Blowback is the espionage term for unintended consequences of a covert operation that are suffered by the civil population of the aggressor government. To the civilians suffering the blowback of covert operations, the effect typically manifests itself as “random” acts of political violence without a discernible, direct cause; because the public—in whose name the intelligence agency acted—are ignorant of the effected secret attacks that provoked revenge (counter-attack) against them. Specifically, blowback denotes the resultant, violent consequences—reported as news fact, by domestic and international mass communications media, when the actor intelligence agency hides its responsibility via media manipulation. Generally, blowback loosely denotes every consequence of every aspect of a secret attack operation, thus, it is synonymous with consequence—the attacked victims’ revenge against the civil populace of the aggressor country, because the responsible politico-military leaders are invulnerable.
When I saw the video I knew that I was seeing the principle of reaping and sowing in real-life action, and it broke my heart. So much blame has been thrown around for 9-11 – from Bin Laden to the conspiracy theories blaming our own government. But the simple truth is that you reap what you sow – on every level – country, state, city, family, individual. In fact, we continue to reap from our response to the tragedy of the Twin Towers … we are reaping, we are reaping more, and we are reaping later:
The 9/11 attacks resulted in 2,996 casualties, which included 343 firefighters and 59 police officers who were in trying to save victims inside the World Trade Center. The War on Terror launched by George W. Bush Jr. has led to at least 227,000 people (more than 300,000 according to other estimates). This includes 116,657 civilians (51%) between 76 – 108,000 insurgents or Taliban Islamists (34% to 36%), 25,297 Iraqi and Afghan soldiers (11%), and 8,975 American, British, and other coalition forces (3.9%). Source: http://owni.eu/2011/05/05/the-war-on-terror-in-numbers/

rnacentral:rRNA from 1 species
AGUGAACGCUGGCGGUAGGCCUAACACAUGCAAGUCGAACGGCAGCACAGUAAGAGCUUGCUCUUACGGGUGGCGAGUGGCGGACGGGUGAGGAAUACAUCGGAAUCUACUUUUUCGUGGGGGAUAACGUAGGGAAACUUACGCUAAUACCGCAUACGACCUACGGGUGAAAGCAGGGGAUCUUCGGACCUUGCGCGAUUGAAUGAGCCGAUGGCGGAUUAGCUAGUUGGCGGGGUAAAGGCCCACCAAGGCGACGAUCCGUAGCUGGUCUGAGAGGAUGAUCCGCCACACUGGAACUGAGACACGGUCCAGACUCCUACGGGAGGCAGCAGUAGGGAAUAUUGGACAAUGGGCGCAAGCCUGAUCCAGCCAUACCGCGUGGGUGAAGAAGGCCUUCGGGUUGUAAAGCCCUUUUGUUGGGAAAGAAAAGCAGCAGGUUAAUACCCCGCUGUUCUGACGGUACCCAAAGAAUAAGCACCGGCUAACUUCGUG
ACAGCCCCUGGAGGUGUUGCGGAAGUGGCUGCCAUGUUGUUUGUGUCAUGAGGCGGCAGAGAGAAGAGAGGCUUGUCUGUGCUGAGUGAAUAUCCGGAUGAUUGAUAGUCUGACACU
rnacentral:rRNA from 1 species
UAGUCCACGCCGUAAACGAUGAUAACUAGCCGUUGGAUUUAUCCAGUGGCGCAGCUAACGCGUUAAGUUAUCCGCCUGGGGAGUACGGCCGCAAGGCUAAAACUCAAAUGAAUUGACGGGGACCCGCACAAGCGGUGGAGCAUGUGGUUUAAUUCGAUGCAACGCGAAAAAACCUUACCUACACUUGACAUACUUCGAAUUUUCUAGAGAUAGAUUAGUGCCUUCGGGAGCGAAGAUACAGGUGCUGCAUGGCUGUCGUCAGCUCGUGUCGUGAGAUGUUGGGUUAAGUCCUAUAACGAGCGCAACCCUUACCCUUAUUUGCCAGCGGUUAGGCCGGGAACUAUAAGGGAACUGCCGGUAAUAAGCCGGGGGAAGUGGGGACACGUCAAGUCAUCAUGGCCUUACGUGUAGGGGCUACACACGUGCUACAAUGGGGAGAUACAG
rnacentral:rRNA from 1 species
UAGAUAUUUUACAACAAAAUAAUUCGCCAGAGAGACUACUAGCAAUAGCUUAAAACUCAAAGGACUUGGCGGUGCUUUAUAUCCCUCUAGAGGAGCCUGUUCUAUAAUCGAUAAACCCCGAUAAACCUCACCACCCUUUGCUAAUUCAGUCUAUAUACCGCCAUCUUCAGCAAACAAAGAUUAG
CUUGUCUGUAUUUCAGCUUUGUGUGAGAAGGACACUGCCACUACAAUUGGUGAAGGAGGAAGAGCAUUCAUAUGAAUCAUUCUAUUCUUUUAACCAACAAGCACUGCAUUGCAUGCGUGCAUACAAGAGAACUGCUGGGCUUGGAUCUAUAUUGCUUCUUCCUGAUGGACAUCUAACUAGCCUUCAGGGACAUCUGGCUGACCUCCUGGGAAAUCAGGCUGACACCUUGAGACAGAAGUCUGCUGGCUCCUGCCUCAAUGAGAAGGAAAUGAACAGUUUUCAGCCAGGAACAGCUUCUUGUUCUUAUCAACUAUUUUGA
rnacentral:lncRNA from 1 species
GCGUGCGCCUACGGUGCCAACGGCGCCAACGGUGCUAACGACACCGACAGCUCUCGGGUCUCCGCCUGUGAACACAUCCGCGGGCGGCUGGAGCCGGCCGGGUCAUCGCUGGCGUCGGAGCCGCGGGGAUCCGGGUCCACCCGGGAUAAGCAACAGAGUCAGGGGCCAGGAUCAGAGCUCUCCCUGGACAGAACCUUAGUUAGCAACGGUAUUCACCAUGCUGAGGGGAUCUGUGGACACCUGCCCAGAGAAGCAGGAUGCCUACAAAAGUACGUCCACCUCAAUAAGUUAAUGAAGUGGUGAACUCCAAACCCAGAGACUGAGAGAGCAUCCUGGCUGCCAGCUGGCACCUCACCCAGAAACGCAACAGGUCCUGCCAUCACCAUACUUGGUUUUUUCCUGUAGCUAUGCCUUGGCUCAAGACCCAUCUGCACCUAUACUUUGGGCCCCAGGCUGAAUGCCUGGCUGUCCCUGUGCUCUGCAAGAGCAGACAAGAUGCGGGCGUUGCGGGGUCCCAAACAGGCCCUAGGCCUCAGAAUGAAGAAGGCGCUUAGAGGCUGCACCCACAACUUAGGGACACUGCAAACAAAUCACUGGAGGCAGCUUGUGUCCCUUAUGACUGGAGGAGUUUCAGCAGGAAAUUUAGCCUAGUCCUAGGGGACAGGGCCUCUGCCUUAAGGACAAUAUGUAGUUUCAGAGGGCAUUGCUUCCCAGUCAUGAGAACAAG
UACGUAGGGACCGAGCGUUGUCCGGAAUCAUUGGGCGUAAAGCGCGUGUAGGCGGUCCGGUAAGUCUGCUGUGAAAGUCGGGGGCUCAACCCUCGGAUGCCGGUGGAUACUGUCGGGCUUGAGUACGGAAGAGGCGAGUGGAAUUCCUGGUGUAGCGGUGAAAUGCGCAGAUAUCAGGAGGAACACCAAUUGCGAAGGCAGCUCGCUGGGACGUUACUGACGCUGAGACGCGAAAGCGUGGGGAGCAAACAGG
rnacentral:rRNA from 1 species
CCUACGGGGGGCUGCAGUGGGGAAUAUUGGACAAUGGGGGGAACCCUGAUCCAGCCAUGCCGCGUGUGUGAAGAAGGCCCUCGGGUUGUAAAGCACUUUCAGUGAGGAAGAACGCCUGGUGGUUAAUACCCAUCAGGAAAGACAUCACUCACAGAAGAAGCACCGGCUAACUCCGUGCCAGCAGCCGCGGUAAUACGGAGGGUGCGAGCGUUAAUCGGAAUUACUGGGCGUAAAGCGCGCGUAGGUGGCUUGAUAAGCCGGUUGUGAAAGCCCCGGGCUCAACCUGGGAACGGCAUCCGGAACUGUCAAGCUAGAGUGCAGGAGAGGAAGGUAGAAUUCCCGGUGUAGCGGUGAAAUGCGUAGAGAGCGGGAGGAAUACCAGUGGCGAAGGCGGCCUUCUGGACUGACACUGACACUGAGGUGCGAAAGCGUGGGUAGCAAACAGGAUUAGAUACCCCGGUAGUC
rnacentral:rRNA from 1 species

It would seem that my reaping/sowing principles are coming down on the heads of those who attacked us, but this cycle did not start on September 11, 2001. Blowback for US actions beginning 50 years previous brought about the attack on New York and DC. We do ourselves and the world a disservice when we refuse to acknowledge that our actions have consequences. Ultimately, each person can only be responsible for their own actions. However, as a country we will be held accountable for the actions of our leaders.
I am reminded that when Israel went into captivity to Babylon, there was still a faithful remnant who had refused to worship idols. Yet, all Israel was held captive, the faithful with the unfaithful. We all suffer the choices of our leaders when it’s time for the harvest. I hope the next time you go into a voting booth, you’ll think about how the fundamental beliefs and past actions of those on the ballot will affect our lives and those of our children when it’s time for the reaping to begin. May God make us mindful of how our choices today will affect our future and the future of those around us.